Yesterday was fine and sunny and expected to reach the magnificent heights of 20 degrees. It may have reached 20 degrees, but the breeze was very cool and although we went out in our shorts, we never took our fleeces off.
After our trip to Housesteads and Chesters, were were keen to see the restored Roman fort of Arbeia at South Shields, that we hadn’t even known existed. Perhaps because it is run by South Shields council, and is free, they don’t feel a need to advertise. But it was really much better than Chesters. When we arrived we could tell there weren’t many visitors because we were able to park right outside in the street (and it wasn’t pay and display, either). The rebuilt gatehouse is very fine, and imposing from the road. But I like the bones best. While it is possible to circumvent the official entry I had read that there was a museum, which was in the modern building containing the shop and help desk. Directly in front of us, at the entrance to the one room museum, lies a skeleton, under a sheet of glass, just as it would have been found. The ribs lay scattered around the breastbone, no longer connected by muscles and ligaments, the tarsals and carpals also abandoned in the dust. There were glass cases holding various items unearthed during the excavation of the fort, and details about funerary rites. And a departure from anything else we’ve seen, the skulls of two murdered men, and the tiny bones of a baby found buried under the walls of the barracks. The information next to this exhibit suggests that perhaps the burial was due to some sort of funeral tradition. As an inveterate reader of murder mysteries, I am of the opinion that this was a baby no one knew of, buried to hide its existence.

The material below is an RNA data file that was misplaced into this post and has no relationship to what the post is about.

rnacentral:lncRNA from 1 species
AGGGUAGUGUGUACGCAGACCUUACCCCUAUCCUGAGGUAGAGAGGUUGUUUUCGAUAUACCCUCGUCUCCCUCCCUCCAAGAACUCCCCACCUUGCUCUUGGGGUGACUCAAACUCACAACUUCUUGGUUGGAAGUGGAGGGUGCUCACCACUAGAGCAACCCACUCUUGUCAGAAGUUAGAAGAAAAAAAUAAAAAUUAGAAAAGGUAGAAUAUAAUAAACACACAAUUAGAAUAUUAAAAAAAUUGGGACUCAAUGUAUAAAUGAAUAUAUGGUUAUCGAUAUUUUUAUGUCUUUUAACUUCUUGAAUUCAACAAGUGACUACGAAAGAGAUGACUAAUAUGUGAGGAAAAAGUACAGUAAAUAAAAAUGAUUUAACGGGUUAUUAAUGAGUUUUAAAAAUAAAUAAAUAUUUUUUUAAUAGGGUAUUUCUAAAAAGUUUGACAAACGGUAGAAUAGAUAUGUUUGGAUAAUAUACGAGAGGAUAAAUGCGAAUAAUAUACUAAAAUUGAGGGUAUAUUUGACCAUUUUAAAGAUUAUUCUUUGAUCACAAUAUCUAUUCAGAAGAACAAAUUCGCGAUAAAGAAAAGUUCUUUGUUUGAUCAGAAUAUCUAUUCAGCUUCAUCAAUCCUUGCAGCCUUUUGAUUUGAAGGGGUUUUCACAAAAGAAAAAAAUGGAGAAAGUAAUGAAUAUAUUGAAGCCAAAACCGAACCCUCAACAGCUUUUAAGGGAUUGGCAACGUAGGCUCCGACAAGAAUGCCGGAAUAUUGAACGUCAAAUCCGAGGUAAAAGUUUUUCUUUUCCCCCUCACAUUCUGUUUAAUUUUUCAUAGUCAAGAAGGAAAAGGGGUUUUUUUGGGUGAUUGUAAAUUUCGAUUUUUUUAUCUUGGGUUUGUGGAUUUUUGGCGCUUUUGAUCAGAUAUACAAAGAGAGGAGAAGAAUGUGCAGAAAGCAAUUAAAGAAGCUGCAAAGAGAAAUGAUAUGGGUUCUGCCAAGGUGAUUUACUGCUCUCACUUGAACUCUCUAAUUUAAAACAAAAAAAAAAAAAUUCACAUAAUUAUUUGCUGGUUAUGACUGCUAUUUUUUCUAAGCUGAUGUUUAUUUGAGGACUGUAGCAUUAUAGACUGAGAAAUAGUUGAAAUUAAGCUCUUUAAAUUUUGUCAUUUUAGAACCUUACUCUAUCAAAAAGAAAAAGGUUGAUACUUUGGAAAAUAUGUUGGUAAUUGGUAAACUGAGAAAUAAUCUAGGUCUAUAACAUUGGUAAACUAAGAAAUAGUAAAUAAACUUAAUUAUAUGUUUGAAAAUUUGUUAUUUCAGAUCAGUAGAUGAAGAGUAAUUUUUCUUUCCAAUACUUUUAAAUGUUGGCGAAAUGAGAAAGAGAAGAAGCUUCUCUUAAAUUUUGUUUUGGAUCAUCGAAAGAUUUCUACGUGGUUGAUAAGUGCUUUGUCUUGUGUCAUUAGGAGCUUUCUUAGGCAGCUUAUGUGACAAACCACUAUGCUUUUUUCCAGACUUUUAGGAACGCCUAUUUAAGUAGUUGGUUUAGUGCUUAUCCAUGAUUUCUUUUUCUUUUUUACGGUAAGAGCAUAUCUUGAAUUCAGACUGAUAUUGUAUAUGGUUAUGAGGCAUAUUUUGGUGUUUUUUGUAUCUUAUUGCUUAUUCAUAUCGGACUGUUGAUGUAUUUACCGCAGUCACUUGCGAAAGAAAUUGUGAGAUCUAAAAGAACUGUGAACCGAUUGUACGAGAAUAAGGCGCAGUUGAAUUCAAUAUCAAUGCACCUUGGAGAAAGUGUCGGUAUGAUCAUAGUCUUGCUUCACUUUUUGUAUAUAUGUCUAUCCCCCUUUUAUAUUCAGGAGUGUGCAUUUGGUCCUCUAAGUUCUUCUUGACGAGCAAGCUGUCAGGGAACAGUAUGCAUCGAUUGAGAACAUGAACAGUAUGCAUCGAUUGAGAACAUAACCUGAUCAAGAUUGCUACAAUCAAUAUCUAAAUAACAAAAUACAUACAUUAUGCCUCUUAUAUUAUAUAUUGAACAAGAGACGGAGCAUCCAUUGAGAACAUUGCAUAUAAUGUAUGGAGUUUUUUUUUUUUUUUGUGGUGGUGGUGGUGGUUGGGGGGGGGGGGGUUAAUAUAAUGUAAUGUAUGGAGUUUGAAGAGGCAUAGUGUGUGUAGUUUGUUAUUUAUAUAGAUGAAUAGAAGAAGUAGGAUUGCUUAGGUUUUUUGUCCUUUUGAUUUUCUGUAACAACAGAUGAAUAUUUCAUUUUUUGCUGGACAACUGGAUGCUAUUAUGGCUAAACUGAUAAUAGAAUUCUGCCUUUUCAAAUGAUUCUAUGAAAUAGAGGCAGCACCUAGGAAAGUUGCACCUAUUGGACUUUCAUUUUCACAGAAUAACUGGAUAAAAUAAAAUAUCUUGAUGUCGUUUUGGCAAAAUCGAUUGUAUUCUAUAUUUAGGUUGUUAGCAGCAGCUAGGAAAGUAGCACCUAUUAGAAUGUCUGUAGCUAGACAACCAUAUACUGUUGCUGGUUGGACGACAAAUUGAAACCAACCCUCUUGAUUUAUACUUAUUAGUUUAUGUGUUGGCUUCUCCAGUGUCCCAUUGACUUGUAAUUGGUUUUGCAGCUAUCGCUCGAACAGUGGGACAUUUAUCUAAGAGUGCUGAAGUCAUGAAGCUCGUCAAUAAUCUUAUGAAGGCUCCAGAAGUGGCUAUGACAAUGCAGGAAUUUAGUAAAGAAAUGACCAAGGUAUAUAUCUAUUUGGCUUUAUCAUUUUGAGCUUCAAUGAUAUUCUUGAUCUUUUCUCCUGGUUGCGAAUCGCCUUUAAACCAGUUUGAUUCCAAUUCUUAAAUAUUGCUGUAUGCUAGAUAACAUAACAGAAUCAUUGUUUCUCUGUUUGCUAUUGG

Arbeia has been excavated to show the rows of granaries, the baths and the barracks. But two other buildings have been reconstructed as they would have been. The barracks building holds bedrooms for thirty soldiers (and very cramped they must have been). Each has a small hearth, but it must have been difficult to choose whether to be warm or breathe, given that there are no chimneys for the hearths. Behind the barracks building is the commandant’s quarters. Spacious, decorated and furnished as it would have been (sparsely), the most obvious conclusion one comes to is that privacy was never going to be expected. Or perhaps that should be respected. The house was used as offices, accommodation, and what with constant visitors, slaves, and hangers on, it must have been very crowded – and probably noisy.
We headed back to Gateshead with a new understanding of life in a Roman fort, for the soldiers (not allowed to marry), the horses (no stables) and the commandant (the aforementioned lack of privacy). And we now know that the Emperor Severus visited in AD208-10. He died in York in AD211. I don’t remember seeing a memorial to him there.
On the way home we stopped in at Westoe Village, and had a drink for old times’ sake at the Westoe pub, where Kevin and I used to meet for lunch some thirty seven years ago when he was at College. And it’s hardly changed. Apart from selling cider that tastes like Ribena. Michael assures me it was very popular at York Races. Probably because it doesn’t taste like alcohol.
So now I must find out about the buried baby – or invent the answer for myself.